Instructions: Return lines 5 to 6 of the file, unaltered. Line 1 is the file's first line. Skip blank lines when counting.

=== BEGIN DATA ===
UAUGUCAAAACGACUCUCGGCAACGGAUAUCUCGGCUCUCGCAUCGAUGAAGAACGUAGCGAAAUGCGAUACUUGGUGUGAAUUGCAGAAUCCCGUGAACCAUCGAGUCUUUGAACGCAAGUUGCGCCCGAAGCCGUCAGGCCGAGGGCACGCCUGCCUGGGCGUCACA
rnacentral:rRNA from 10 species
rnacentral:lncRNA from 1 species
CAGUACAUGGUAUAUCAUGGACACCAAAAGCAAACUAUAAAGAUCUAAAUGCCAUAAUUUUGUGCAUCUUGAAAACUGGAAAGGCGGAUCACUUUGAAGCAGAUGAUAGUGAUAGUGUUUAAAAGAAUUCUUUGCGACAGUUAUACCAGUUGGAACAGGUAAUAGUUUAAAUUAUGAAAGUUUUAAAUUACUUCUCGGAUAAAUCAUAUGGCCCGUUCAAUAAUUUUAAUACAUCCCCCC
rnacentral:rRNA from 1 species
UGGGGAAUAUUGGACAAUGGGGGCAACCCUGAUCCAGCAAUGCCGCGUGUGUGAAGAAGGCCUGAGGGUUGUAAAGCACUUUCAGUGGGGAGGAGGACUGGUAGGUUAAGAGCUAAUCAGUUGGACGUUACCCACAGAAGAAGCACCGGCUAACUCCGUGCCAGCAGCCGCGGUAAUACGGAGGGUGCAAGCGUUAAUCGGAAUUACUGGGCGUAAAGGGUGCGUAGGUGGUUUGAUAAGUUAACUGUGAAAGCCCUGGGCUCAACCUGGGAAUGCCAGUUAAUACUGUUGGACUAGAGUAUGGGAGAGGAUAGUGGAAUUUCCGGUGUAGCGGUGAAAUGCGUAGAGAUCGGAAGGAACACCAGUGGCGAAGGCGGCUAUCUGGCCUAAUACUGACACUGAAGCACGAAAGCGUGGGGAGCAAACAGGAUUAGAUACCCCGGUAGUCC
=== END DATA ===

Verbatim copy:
rnacentral:rRNA from 1 species
UGGGGAAUAUUGGACAAUGGGGGCAACCCUGAUCCAGCAAUGCCGCGUGUGUGAAGAAGGCCUGAGGGUUGUAAAGCACUUUCAGUGGGGAGGAGGACUGGUAGGUUAAGAGCUAAUCAGUUGGACGUUACCCACAGAAGAAGCACCGGCUAACUCCGUGCCAGCAGCCGCGGUAAUACGGAGGGUGCAAGCGUUAAUCGGAAUUACUGGGCGUAAAGGGUGCGUAGGUGGUUUGAUAAGUUAACUGUGAAAGCCCUGGGCUCAACCUGGGAAUGCCAGUUAAUACUGUUGGACUAGAGUAUGGGAGAGGAUAGUGGAAUUUCCGGUGUAGCGGUGAAAUGCGUAGAGAUCGGAAGGAACACCAGUGGCGAAGGCGGCUAUCUGGCCUAAUACUGACACUGAAGCACGAAAGCGUGGGGAGCAAACAGGAUUAGAUACCCCGGUAGUCC